Key factors for overcoming psychological insulin resistance: an examination of patient perspectives through content analysis

BMJ Open Diabetes Res Care. 2019 Dec 11;7(1):e000723. doi: 10.1136/bmjdrc-2019-000723. eCollection 2019.


Objective: To understand participant perceptions about insulin and identify key behaviors of healthcare professionals (HCPs) that motivated initially reluctant adults from seven countries (n=40) who had type 2 diabetes (T2D) to start insulin treatment.

Research design and methods: Telephone interviews were conducted with a subset of participants from an international investigation of adults with T2D who were reluctant to start insulin (EMOTION). Questions related to: (a) participants' thoughts about insulin before and after initiation; (b) reasons behind responses on the survey that were either 'not helpful at all' or 'helped a lot'; (c) actions their HCP may have taken to help start insulin treatment; and (d) advice they would give to others in a similar situation of starting insulin. Responses were coded by two independent reviewers (kappa 0.992).

Results: Starting insulin treatment was perceived as a negative experience that would be painful and would lead down a 'slippery slope' to complications. HCPs engaged in four primary behaviors that helped with insulin acceptance: (1) showed the insulin pen/needle and demonstrated the injection process; (2) explained how insulin could help with diabetes control and reduce risk of complications; (3) used collaborative communication style; and (4) offered support and willingness to answer questions so that participants would not be 'on their own'. Following initiation, most participants noted that insulin was not 'as bad as they thought' and recommended insulin to other adults with T2D.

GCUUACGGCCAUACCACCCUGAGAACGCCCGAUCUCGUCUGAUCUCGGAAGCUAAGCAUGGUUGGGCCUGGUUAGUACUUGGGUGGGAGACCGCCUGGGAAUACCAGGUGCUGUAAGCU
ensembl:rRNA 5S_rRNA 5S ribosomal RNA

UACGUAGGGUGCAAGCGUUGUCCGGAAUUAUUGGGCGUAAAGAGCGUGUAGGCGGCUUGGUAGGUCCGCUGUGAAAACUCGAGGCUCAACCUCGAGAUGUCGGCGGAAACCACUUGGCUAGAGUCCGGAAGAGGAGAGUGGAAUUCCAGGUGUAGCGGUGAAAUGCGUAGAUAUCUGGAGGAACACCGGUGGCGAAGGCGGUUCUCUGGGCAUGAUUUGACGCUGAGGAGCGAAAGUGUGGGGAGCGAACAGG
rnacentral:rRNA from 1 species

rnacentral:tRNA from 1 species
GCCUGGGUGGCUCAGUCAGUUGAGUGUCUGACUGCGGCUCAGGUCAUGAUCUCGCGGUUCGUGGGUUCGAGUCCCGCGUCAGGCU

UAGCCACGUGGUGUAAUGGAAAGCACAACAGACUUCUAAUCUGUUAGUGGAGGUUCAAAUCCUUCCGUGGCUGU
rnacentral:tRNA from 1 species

Conclusions: Based on these themes, two actionable strategies are suggested for HCPs to help people with psychological insulin resistance: (1) demonstrate the injection process and discuss negative perceptions of insulin as well as potential benefits; (2) offer autonomy in a person-centred collaborative approach, but provide support and accessibility to address concerns. These findings help HCPs to better understand ways in which they can engage reluctant people with T2D with specific strategies.

Keywords: patient-provider relationship; psychological insulin resistance; type 2 diabetes.

Publication types

  • Research Support, Non-U.S. Gov't

MeSH terms

  • Adult
  • Aged
  • Communication
  • Diabetes Mellitus, Type 2 / drug therapy*
  • Diabetes Mellitus, Type 2 / epidemiology
  • Diabetes Mellitus, Type 2 / psychology
  • Fear / psychology
  • Female
  • Health Personnel / psychology
  • Humans
  • Injections / psychology
  • Insulin / therapeutic use*
  • Interviews as Topic
  • Male
  • Middle Aged
  • Needles
  • Patient Acceptance of Health Care* / psychology
  • Patient Acceptance of Health Care* / statistics & numerical data
  • Patient Education as Topic
  • Perception
  • Professional-Patient Relations
  • Socioeconomic Factors
  • Surveys and Questionnaires
  • Treatment Refusal* / psychology
  • Treatment Refusal* / statistics & numerical data


  • Insulin